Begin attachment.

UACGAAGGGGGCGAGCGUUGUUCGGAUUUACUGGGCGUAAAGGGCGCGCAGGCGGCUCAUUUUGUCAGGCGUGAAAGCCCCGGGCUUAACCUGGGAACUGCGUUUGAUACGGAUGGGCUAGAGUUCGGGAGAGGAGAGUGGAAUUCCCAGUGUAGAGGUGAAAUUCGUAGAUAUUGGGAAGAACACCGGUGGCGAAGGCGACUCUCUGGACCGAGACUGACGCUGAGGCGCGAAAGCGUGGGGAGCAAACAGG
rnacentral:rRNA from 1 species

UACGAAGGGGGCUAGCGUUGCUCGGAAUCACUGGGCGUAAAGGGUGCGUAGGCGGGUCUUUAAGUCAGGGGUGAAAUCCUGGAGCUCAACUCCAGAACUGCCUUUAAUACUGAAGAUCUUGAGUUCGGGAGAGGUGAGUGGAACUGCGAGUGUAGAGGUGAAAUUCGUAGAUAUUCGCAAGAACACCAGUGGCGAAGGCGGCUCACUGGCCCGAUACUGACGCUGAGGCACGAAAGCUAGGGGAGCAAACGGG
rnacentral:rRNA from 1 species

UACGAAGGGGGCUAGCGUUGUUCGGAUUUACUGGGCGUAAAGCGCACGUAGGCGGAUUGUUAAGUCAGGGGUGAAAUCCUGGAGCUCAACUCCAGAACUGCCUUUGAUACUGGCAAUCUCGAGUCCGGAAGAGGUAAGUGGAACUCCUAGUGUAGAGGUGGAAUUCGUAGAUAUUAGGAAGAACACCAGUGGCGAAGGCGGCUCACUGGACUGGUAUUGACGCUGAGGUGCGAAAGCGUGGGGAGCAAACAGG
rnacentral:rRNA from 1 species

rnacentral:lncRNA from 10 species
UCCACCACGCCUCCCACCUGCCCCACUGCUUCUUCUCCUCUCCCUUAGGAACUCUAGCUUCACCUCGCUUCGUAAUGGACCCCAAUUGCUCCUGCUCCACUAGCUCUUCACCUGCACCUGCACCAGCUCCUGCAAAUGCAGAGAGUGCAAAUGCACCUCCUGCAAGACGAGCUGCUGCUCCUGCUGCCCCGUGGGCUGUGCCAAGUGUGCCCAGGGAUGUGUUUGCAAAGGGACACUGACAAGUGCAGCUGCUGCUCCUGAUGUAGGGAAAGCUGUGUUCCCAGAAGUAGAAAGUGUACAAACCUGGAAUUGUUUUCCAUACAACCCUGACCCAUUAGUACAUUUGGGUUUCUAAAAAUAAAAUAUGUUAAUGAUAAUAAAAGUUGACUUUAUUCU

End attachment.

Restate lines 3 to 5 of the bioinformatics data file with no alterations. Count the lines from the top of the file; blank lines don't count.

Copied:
UACGAAGGGGGCUAGCGUUGCUCGGAAUCACUGGGCGUAAAGGGUGCGUAGGCGGGUCUUUAAGUCAGGGGUGAAAUCCUGGAGCUCAACUCCAGAACUGCCUUUAAUACUGAAGAUCUUGAGUUCGGGAGAGGUGAGUGGAACUGCGAGUGUAGAGGUGAAAUUCGUAGAUAUUCGCAAGAACACCAGUGGCGAAGGCGGCUCACUGGCCCGAUACUGACGCUGAGGCACGAAAGCUAGGGGAGCAAACGGG
rnacentral:rRNA from 1 species

UACGAAGGGGGCUAGCGUUGUUCGGAUUUACUGGGCGUAAAGCGCACGUAGGCGGAUUGUUAAGUCAGGGGUGAAAUCCUGGAGCUCAACUCCAGAACUGCCUUUGAUACUGGCAAUCUCGAGUCCGGAAGAGGUAAGUGGAACUCCUAGUGUAGAGGUGGAAUUCGUAGAUAUUAGGAAGAACACCAGUGGCGAAGGCGGCUCACUGGACUGGUAUUGACGCUGAGGUGCGAAAGCGUGGGGAGCAAACAGG